In his book Art Direction for the Web, Andy Clarke dives head first into the lessons of print media (and others), showing how advances in CSS can add whole new dimensions to the grid system.
Look Forward… But Look Backward First
The conventions above were forged by decades — in some cases centuries — of experience, and there’s plenty more where they came from. What they all essentially boil down to is understanding content, and how people are likely to engage with that content.
Newspapers at their best follow a cartoonishly simple principle: present information in ways that are as clear, as attractive, and as accessible as possible. That’s a worthy goal for any website. And don’t take my word for it. These ideas were championed by Edmund C. Arnold, the aforementioned father of modern newspaper design.’ Arnold designed or redesigned hundreds of newspapers during his career, including The Chicago Tribune, The Boston Globe, The National Observer, and Newsday.
He pushed for designers to have more influence, for newspapers to have flair as well as substance. He was also a journalist, and an academic, and wrote numerous books about newspaper design and typography. He knew his stuff. It is no coincidence that the Society for News Design (SND), of which he was a founding member in 1992, now holds two awards each year — one for news design, the other for digital.
Newspaper designers are students of the web — so too should web designers be students of newspapers. As improvements in web technology open up new frontiers, it pays to know whether someone else has been here before. We are all looking for the same thing, after all. It’s all, fundamentally, the same language.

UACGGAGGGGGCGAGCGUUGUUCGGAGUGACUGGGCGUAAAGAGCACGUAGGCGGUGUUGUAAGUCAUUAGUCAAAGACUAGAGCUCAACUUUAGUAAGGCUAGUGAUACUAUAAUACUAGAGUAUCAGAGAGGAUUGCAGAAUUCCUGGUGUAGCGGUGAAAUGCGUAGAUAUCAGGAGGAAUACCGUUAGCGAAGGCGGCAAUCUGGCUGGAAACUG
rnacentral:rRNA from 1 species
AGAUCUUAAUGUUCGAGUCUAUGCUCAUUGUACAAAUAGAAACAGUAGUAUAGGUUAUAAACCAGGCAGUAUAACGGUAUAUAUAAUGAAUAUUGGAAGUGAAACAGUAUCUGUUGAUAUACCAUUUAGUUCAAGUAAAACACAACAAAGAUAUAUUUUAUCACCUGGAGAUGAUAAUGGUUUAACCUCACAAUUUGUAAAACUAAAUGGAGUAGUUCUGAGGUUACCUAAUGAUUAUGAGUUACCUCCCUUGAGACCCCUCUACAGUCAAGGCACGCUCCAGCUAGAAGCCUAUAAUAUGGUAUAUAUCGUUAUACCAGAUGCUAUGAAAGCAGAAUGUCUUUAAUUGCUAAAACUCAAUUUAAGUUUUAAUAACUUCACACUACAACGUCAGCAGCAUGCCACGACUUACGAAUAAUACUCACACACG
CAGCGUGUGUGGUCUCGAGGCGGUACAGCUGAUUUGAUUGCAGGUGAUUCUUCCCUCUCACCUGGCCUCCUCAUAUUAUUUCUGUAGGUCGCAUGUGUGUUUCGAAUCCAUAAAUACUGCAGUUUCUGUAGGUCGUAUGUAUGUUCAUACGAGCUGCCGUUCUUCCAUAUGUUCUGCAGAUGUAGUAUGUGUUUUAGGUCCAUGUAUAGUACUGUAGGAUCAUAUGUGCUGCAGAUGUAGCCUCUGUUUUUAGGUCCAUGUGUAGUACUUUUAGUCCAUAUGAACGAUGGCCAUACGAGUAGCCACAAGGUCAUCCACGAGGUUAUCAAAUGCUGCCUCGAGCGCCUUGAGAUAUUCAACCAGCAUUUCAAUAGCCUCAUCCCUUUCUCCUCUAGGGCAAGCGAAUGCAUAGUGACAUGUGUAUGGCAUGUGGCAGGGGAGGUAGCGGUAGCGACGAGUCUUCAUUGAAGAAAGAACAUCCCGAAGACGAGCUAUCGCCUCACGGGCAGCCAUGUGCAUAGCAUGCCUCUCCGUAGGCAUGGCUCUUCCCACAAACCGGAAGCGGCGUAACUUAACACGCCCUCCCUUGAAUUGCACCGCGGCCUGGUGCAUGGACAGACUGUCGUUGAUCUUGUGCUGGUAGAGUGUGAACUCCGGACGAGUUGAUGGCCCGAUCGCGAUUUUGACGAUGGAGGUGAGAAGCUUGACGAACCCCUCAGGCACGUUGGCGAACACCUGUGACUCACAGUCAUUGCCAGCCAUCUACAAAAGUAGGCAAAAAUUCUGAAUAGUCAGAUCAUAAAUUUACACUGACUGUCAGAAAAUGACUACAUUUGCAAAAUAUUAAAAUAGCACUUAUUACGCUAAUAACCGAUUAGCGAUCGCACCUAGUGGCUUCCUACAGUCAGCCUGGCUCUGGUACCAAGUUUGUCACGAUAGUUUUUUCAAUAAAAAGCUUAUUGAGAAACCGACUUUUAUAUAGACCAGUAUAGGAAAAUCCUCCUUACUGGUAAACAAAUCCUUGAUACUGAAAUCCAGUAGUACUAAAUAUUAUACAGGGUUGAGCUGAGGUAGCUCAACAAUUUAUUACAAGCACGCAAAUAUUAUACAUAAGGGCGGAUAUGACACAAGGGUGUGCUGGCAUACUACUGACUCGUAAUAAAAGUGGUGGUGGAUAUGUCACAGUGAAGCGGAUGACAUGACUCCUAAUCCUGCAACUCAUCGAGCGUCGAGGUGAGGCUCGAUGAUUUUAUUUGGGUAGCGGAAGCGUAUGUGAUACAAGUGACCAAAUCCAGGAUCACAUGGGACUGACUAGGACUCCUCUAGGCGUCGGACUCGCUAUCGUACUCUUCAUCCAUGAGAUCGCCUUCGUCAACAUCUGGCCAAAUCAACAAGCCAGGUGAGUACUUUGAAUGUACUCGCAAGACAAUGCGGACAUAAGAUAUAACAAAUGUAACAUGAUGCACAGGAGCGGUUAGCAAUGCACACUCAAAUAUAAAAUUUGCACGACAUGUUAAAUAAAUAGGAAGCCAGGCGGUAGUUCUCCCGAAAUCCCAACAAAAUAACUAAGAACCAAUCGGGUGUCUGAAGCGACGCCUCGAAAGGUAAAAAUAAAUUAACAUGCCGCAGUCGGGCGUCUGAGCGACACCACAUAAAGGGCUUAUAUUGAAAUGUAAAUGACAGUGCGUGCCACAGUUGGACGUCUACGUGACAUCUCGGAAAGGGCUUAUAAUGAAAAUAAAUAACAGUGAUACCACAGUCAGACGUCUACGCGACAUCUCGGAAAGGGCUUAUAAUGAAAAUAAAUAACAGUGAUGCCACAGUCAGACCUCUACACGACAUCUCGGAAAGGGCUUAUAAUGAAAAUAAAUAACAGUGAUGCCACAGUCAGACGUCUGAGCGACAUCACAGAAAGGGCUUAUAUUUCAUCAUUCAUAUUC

You can see this playing out in real time as newspapers adapt to the web. The gold standard of news design online at the moment is probably The New York Times, which was a finalist in the print and digital SND awards this year. What’s interesting about the Times online is the blend between classicism and innovation. The homepage still essentially looks like the front page of a print edition, while individual stories, like ‘The Plot to Subvert Democracy’, immerse themselves in the new possibilities of the web.
To The As Yet Unimagined
It’s worth reiterating here that there are clear and undeniable differences between news design and web design. In newspapers the dimensions of the space are always the same, while websites must adapt to radically different screen sizes and devices. In newspapers what you see is what you get, while websites can hide all sorts of useful features out of sight until they’re prompted to appear. The aim of this piece is not to convince you that news and web design are the same. They are, however, often very similar. To be master of one does not make you master of the other, but it helps.
Perhaps this is why Friedman collated a selection of award-winning newspaper designs all the way back in 2008. Back then he rued the fact that print techniques weren’t applicable online. Back then CSS wasn’t sophisticated enough. Well, its is now, and that’s really exciting.
The process never ends. It can’t end. No newspaper or website worth its salt is ever truly ‘done.’ It is always evolving. Look at the first ever newspaper and the first ever website and it’s fair to say a lot has changed in both worlds since then:
Both formats have improved massively since those humble beginnings, and there’s an awful lot left to achieve. The parameters are always changing; web technology, screen sizes, devices, internet speeds, you name it. In the mobile age maybe the nameplate belongs at the bottom. Who knows? It all lies ahead.
In many respects a torch has been passed from news design to web design. If developers can push forward with the knowledge of their elders on hand, they’ll achieve things previous generations couldn’t even have imagined. What an incredible opportunity. I can’t wait to see what they come up with.
Link to original article on SMASHING MAGAZINE.
About The Author
Frederick O’Brien is a freelance journalist who conforms to most British stereotypes. His interests include American literature, graphic design, sustainable development, and lie-ins